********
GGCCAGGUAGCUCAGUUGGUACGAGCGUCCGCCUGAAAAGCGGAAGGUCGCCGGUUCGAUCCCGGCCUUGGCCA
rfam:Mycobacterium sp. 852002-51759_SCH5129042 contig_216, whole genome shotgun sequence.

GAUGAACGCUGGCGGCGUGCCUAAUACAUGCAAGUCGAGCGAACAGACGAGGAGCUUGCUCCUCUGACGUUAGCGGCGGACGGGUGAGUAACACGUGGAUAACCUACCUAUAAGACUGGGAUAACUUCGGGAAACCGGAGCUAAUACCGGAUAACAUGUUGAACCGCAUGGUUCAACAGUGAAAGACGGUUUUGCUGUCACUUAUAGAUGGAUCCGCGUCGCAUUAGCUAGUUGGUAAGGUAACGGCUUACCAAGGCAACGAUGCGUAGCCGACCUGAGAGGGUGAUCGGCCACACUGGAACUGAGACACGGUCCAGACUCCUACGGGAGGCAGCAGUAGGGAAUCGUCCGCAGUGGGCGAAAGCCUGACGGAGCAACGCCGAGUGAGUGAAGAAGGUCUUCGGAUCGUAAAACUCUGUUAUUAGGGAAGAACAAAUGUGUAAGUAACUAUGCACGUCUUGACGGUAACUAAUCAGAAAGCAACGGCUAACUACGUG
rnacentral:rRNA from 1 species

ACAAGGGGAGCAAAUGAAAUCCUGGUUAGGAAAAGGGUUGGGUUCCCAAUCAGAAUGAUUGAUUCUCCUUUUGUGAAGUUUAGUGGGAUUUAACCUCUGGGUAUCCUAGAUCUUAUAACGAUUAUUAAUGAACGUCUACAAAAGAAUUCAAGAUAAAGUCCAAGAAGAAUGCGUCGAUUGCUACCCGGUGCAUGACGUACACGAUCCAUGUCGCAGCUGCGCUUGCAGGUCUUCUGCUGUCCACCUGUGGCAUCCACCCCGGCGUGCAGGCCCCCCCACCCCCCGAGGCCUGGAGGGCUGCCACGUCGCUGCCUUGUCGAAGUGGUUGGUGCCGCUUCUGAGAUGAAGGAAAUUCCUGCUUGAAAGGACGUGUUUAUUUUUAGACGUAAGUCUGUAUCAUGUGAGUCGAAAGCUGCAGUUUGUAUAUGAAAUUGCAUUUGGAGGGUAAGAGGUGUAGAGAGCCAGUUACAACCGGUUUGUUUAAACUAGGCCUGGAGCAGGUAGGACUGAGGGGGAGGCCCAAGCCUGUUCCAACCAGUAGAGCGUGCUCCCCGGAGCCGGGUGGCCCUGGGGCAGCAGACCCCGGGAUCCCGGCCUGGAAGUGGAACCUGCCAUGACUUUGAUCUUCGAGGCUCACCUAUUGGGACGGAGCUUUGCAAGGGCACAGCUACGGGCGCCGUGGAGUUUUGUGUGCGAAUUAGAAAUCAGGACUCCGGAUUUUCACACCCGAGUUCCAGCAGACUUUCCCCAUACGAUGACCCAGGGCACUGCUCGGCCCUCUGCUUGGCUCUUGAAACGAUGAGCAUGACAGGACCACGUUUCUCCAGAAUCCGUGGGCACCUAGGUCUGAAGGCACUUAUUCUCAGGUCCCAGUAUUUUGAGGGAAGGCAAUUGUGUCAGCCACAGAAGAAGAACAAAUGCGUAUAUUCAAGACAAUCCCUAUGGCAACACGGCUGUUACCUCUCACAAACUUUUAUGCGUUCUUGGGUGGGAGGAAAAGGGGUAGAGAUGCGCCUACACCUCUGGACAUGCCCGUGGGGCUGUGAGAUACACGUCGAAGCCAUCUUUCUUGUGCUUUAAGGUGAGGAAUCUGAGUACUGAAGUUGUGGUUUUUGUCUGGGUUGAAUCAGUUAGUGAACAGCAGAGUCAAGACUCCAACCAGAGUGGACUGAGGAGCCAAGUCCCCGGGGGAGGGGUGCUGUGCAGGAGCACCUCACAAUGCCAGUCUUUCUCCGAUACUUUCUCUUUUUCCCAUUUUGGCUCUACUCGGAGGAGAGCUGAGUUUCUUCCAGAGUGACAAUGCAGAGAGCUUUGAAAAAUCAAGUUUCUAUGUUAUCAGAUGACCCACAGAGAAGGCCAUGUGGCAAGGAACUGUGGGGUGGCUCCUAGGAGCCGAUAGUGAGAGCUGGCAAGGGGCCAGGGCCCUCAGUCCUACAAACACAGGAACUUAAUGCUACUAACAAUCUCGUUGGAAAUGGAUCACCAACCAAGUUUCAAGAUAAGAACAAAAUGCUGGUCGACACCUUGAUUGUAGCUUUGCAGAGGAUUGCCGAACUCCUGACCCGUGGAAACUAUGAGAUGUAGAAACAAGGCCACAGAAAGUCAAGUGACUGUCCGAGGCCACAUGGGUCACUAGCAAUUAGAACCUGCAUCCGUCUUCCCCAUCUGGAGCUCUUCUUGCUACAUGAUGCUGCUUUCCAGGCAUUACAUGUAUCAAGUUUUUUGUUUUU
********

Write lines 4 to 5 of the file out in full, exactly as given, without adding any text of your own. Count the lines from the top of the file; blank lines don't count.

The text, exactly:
rnacentral:rRNA from 1 species

ACAAGGGGAGCAAAUGAAAUCCUGGUUAGGAAAAGGGUUGGGUUCCCAAUCAGAAUGAUUGAUUCUCCUUUUGUGAAGUUUAGUGGGAUUUAACCUCUGGGUAUCCUAGAUCUUAUAACGAUUAUUAAUGAACGUCUACAAAAGAAUUCAAGAUAAAGUCCAAGAAGAAUGCGUCGAUUGCUACCCGGUGCAUGACGUACACGAUCCAUGUCGCAGCUGCGCUUGCAGGUCUUCUGCUGUCCACCUGUGGCAUCCACCCCGGCGUGCAGGCCCCCCCACCCCCCGAGGCCUGGAGGGCUGCCACGUCGCUGCCUUGUCGAAGUGGUUGGUGCCGCUUCUGAGAUGAAGGAAAUUCCUGCUUGAAAGGACGUGUUUAUUUUUAGACGUAAGUCUGUAUCAUGUGAGUCGAAAGCUGCAGUUUGUAUAUGAAAUUGCAUUUGGAGGGUAAGAGGUGUAGAGAGCCAGUUACAACCGGUUUGUUUAAACUAGGCCUGGAGCAGGUAGGACUGAGGGGGAGGCCCAAGCCUGUUCCAACCAGUAGAGCGUGCUCCCCGGAGCCGGGUGGCCCUGGGGCAGCAGACCCCGGGAUCCCGGCCUGGAAGUGGAACCUGCCAUGACUUUGAUCUUCGAGGCUCACCUAUUGGGACGGAGCUUUGCAAGGGCACAGCUACGGGCGCCGUGGAGUUUUGUGUGCGAAUUAGAAAUCAGGACUCCGGAUUUUCACACCCGAGUUCCAGCAGACUUUCCCCAUACGAUGACCCAGGGCACUGCUCGGCCCUCUGCUUGGCUCUUGAAACGAUGAGCAUGACAGGACCACGUUUCUCCAGAAUCCGUGGGCACCUAGGUCUGAAGGCACUUAUUCUCAGGUCCCAGUAUUUUGAGGGAAGGCAAUUGUGUCAGCCACAGAAGAAGAACAAAUGCGUAUAUUCAAGACAAUCCCUAUGGCAACACGGCUGUUACCUCUCACAAACUUUUAUGCGUUCUUGGGUGGGAGGAAAAGGGGUAGAGAUGCGCCUACACCUCUGGACAUGCCCGUGGGGCUGUGAGAUACACGUCGAAGCCAUCUUUCUUGUGCUUUAAGGUGAGGAAUCUGAGUACUGAAGUUGUGGUUUUUGUCUGGGUUGAAUCAGUUAGUGAACAGCAGAGUCAAGACUCCAACCAGAGUGGACUGAGGAGCCAAGUCCCCGGGGGAGGGGUGCUGUGCAGGAGCACCUCACAAUGCCAGUCUUUCUCCGAUACUUUCUCUUUUUCCCAUUUUGGCUCUACUCGGAGGAGAGCUGAGUUUCUUCCAGAGUGACAAUGCAGAGAGCUUUGAAAAAUCAAGUUUCUAUGUUAUCAGAUGACCCACAGAGAAGGCCAUGUGGCAAGGAACUGUGGGGUGGCUCCUAGGAGCCGAUAGUGAGAGCUGGCAAGGGGCCAGGGCCCUCAGUCCUACAAACACAGGAACUUAAUGCUACUAACAAUCUCGUUGGAAAUGGAUCACCAACCAAGUUUCAAGAUAAGAACAAAAUGCUGGUCGACACCUUGAUUGUAGCUUUGCAGAGGAUUGCCGAACUCCUGACCCGUGGAAACUAUGAGAUGUAGAAACAAGGCCACAGAAAGUCAAGUGACUGUCCGAGGCCACAUGGGUCACUAGCAAUUAGAACCUGCAUCCGUCUUCCCCAUCUGGAGCUCUUCUUGCUACAUGAUGCUGCUUUCCAGGCAUUACAUGUAUCAAGUUUUUUGUUUUU